Beaglebone Black won't boot sometimes

I’m using my Beaglebone Black to drive a DC motor and read a rotary encoder:

Last night when I rebooted my BBB, it shut down but didn’t reboot: None of the 4 blue LEDs lit, although the blue LED by the 5V power plug did light up when I plugged it in.

This behavior persisted across several plug/unplug cycles of the 5V power adapter. I was afraid I bricked my BBB.

In desperation, I unplugged all the I/O (P8_33,34,35, P9_29,30,31). Then I plugged in the 5V power and it booted!

Any idea why that happened, or how I could fix it in the future without unplugging all my I/O?


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See Page 106/107 of:

Thanks Robert. For our viewers at home, the BBB uses pins lcd_data0 thru 15 as “SYSBOOT” pins that configure where the device boots from.

Derek Molloy’s table shows that those correspond to header pins P8_31 thru P8_46 (not necessarily in that order).

My rotary encoder may have been asserting a voltage on some of those pins. Next time I’ll try unplugging it.

Thanks very much!

If you still want to use the same pins, you can create an extra enable pin, after everything boots up into the kernel, use gpio_request and gpio_output to enable to the (EN pin) of power supply of your motor.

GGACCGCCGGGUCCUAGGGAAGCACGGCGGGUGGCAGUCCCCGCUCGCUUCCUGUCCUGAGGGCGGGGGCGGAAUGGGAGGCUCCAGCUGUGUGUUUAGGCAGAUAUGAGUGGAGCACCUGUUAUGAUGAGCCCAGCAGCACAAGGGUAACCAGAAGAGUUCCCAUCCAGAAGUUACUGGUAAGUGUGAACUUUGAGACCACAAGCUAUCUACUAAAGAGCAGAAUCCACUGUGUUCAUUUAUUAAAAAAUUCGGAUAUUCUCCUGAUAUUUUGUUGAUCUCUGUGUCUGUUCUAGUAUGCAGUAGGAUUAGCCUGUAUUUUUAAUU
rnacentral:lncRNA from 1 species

In this way you prevent SYSBOOT affected and other voltage flows in, to affect power up sequence.

I’ve worked on a lot of boards over the years, so I have a strong sense for the kinesthetic issues that even custom electronics can have. I’ve had this problem myself (and am still having it from time to time).

My spider sense tells me that the BBB is right at the accepted maximum current draw for a standard USB port AND that it might be further exacerbated by having a lot of peripherals (even independently powered ones) attached to it. I would recommend getting a 5V 1A (a FULL 1.0 Amp) supply (like the small bricks that come with tablets or Kindles) and feeding it through the coaxial connector just to make sure it always has enough juice no matter what the situation. Yeah, it’ll run off of a USB port, but I can tell its a bit of a power hog. Just how it flashes and stuff reminds me of a power-starved board.

Ok, experimented with it some more and came up with a basic protocol for getting it to boot. What you do is you kind of fiddle with the power button and keep plugging and unplugging the USB cable (I’m powering my BBB through the miniusb to my Windows 10 desktop).

**** What you do is you ground yourself every time by touching the metal on the USB or ethernet connector. I’ve come close to frying my board a few times (its cold here and I have nice carpet). You will eventually fry it if you don’t. ***

Then I take a precision screwdriver or insulated probe and I keep depressing the power switch gently with long and short intervals. If it works, the flashing power indicator goes strong on and it starts to boot. If this doesn’t work you disconnect your USB cable and reconnect it. A few cycles of this and it reboots every time.